Many times, I’ve wished: If only everything in life would pause for awhile. If only, for a few days, maybe a week, there was no work. No meetings. No class. No homework. No balancing act of social gatherings and obligations. If only everyone would decide, let’s take a break. Let’s stop for a bit.
Instead, there would be quiet, and in the quiet, there would be space for the world to grow. There would be lazy days, good sleep, novels to read, journals to write in, long walks, new recipes, late-morning coffee, chats on the phone, and yoga in the living room. There would be time to think and be grateful and love and get to know myself again and re-evaluate what is really meaningful to me. There would be time to find the layers of beauty and wonder and meaning that get suffocated by hurry and busyness.
Of course, now we all get this chance, this opportunity. But I can’t say that I’m glad, because now there is also fear. Fear about what the future will hold in a world that has shut down. A world where businesses have stopped making money, where so many people are applying for unemployment that the system is overrun.
I can’t say I’m glad, because now I’m alone with myself, and there are all the unintended consequences of having no distractions. It’s like when I was a kid, and all throughout the school year I would fantasize about the summer. I’d think, I’ll be so happy in the summer. I’ll do so many fun things. I’ll swim, and read books, play with my friends, ride my bike, go to the zoo, watch movies, learn how to play the piano. I won’t be stuck in this building learning about the War of 1812 for six hours.
Then summer comes. You get up to use the restroom and you realize you’ve been staring at a wall blankly for six hours. You wish you had homework to do because that would give you a reason to move. When everything stops, you stop too. Because you no longer have a use. You no longer have obligations except those that you give yourself. Instead of feeling bigger, you feel smaller. Instead of expanding, your world shrinks.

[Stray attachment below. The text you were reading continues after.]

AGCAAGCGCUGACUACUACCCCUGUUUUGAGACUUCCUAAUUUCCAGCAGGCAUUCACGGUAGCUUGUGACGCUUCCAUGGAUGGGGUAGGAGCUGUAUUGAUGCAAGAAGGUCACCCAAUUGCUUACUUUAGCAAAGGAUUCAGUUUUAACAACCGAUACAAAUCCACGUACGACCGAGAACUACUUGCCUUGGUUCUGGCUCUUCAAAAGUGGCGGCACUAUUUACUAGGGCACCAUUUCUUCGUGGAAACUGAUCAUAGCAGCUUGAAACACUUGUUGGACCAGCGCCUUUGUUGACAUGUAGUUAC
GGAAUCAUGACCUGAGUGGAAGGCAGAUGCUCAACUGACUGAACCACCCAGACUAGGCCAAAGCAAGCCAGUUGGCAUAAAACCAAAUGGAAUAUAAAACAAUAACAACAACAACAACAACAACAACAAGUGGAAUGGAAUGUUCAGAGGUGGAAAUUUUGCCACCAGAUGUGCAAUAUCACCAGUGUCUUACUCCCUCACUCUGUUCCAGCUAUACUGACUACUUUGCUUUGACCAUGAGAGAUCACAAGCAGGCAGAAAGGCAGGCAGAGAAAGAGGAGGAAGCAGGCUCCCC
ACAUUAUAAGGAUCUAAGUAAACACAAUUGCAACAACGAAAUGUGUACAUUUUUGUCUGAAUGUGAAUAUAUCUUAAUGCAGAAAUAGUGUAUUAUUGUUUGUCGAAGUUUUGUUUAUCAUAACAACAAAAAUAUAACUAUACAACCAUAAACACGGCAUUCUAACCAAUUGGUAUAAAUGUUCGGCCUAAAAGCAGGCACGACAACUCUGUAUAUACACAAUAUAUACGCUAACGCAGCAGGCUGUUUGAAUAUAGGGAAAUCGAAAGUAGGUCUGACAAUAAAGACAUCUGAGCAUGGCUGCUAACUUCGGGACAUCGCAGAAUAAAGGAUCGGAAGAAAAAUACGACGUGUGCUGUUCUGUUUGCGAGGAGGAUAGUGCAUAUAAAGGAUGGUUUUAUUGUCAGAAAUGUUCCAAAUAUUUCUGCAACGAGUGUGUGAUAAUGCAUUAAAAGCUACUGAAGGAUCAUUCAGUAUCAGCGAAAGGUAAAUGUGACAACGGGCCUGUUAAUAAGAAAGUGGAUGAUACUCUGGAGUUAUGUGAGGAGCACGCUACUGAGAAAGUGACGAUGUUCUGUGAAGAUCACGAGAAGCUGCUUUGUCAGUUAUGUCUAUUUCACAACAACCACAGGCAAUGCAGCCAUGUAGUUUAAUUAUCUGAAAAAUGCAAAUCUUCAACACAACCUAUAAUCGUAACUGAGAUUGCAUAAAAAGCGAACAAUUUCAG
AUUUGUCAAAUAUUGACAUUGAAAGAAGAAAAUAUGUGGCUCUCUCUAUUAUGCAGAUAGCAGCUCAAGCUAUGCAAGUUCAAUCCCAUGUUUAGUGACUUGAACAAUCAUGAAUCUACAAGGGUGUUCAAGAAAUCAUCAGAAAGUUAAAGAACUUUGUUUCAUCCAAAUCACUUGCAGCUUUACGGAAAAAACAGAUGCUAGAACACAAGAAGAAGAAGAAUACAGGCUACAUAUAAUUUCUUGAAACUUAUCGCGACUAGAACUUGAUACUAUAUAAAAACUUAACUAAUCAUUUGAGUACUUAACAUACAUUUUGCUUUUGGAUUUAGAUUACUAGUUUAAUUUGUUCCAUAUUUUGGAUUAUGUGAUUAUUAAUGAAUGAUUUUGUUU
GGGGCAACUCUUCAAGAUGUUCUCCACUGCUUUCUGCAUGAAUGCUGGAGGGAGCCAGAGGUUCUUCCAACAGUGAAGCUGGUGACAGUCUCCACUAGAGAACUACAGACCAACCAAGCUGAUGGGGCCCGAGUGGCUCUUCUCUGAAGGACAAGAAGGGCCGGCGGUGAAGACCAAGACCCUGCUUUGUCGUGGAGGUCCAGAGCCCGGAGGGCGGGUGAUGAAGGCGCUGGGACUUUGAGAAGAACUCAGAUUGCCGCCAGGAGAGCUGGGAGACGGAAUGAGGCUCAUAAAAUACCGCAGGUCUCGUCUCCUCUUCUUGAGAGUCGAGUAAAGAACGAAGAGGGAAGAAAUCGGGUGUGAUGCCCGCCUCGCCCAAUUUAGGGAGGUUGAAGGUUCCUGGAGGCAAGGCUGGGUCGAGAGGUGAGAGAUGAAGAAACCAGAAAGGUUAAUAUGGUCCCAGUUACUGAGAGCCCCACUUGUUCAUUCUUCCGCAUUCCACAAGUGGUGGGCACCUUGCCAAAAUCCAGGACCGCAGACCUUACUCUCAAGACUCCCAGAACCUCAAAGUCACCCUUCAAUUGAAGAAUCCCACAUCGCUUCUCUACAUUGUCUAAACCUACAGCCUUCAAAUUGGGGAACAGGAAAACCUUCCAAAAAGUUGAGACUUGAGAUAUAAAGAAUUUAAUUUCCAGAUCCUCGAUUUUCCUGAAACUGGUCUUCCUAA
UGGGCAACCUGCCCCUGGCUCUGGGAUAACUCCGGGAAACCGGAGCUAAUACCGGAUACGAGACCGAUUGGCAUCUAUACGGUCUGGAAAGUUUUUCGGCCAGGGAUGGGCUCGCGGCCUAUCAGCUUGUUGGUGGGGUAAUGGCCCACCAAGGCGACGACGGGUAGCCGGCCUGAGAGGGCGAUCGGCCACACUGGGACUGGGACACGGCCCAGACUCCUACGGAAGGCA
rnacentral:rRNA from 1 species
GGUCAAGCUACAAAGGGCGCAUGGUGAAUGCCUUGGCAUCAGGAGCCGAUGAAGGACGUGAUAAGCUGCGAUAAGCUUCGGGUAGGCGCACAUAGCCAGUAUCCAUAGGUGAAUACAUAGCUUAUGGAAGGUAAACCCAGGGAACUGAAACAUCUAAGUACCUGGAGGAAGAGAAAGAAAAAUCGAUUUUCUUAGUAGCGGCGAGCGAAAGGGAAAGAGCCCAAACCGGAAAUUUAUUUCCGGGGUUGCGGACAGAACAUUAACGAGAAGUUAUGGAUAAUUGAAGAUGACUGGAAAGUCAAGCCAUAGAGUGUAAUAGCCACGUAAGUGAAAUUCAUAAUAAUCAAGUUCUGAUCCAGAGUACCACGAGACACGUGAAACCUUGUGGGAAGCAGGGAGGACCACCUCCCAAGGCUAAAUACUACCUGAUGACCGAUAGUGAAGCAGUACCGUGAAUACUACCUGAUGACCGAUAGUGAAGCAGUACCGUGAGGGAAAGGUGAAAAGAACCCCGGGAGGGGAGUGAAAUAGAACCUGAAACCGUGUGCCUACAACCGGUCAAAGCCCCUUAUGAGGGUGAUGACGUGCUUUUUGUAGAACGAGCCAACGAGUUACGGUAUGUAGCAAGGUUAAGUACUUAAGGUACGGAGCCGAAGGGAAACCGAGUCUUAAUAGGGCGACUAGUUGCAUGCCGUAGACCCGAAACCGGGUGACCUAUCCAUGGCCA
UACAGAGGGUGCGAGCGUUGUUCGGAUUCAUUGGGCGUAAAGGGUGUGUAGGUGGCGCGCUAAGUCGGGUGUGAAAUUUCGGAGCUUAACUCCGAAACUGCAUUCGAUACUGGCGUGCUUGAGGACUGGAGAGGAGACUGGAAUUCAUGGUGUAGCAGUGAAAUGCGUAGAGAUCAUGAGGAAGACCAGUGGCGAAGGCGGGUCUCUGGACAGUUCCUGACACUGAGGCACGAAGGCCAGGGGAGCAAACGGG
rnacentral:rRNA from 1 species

There’s a difference between how I see it now and how I saw it when I was a kid. Now I know there is not something wrong with me. It’s normal. The quiet is hard, even for those of us who already love it. We’re not used to living without distractions, without being pulled in several directions. We’re addicted to busyness, and like any addiction, it’s hard to stop. You don’t know how to rebuild something new in place of what was lost.
Listen. There is still value to be found, that we can all find, in this time. We don’t have to just get through it. Despite fear and uncertainty, there is still gold in them hills.
For me, I will have to adjust, to give myself some structure, to be intentional about how I use my time. I will need to be gracious with myself when I get frustrated and depressed. I will need to let myself hate this situation sometimes, let myself love it other times, and not feel guilty about either.
I will need to go outside at night and look at the stars and remember that I am a finite created being in the midst of a vast universe. I will need to breathe in deeply and feel gratitude for the air in my lungs, for each moment of time as it passes.
The world is not small, and neither am I. Both are larger and more expansive than I experience them to be. I am full of love and dreams and words and emotions and potentialities and versions of reality that I can create. I was chosen for this time and this setting, and it will have its place in my story.
I hope you will find your own way to live fully in this quiet.